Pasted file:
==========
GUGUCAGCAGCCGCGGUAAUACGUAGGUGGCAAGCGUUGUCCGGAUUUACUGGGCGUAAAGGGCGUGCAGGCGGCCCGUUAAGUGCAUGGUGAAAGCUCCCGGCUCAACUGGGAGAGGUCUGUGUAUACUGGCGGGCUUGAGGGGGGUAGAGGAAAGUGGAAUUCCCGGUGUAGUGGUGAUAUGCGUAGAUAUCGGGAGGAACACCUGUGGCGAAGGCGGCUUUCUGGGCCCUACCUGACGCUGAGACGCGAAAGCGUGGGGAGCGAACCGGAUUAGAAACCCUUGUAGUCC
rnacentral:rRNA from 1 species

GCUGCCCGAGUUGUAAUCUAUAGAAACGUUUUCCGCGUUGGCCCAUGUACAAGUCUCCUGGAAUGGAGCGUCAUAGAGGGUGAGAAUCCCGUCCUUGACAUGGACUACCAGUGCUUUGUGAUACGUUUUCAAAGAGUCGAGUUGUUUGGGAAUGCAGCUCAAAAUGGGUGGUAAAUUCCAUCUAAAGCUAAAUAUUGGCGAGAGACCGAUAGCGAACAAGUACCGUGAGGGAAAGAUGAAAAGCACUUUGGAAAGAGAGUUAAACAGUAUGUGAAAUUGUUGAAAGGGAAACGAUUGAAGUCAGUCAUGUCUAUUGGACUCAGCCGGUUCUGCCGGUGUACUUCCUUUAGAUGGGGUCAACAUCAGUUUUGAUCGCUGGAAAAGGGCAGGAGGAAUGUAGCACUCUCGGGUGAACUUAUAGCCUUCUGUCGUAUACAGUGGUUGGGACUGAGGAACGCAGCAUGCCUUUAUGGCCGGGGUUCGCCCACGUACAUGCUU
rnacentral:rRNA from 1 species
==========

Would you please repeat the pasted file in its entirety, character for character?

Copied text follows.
GUGUCAGCAGCCGCGGUAAUACGUAGGUGGCAAGCGUUGUCCGGAUUUACUGGGCGUAAAGGGCGUGCAGGCGGCCCGUUAAGUGCAUGGUGAAAGCUCCCGGCUCAACUGGGAGAGGUCUGUGUAUACUGGCGGGCUUGAGGGGGGUAGAGGAAAGUGGAAUUCCCGGUGUAGUGGUGAUAUGCGUAGAUAUCGGGAGGAACACCUGUGGCGAAGGCGGCUUUCUGGGCCCUACCUGACGCUGAGACGCGAAAGCGUGGGGAGCGAACCGGAUUAGAAACCCUUGUAGUCC
rnacentral:rRNA from 1 species

GCUGCCCGAGUUGUAAUCUAUAGAAACGUUUUCCGCGUUGGCCCAUGUACAAGUCUCCUGGAAUGGAGCGUCAUAGAGGGUGAGAAUCCCGUCCUUGACAUGGACUACCAGUGCUUUGUGAUACGUUUUCAAAGAGUCGAGUUGUUUGGGAAUGCAGCUCAAAAUGGGUGGUAAAUUCCAUCUAAAGCUAAAUAUUGGCGAGAGACCGAUAGCGAACAAGUACCGUGAGGGAAAGAUGAAAAGCACUUUGGAAAGAGAGUUAAACAGUAUGUGAAAUUGUUGAAAGGGAAACGAUUGAAGUCAGUCAUGUCUAUUGGACUCAGCCGGUUCUGCCGGUGUACUUCCUUUAGAUGGGGUCAACAUCAGUUUUGAUCGCUGGAAAAGGGCAGGAGGAAUGUAGCACUCUCGGGUGAACUUAUAGCCUUCUGUCGUAUACAGUGGUUGGGACUGAGGAACGCAGCAUGCCUUUAUGGCCGGGGUUCGCCCACGUACAUGCUU
rnacentral:rRNA from 1 species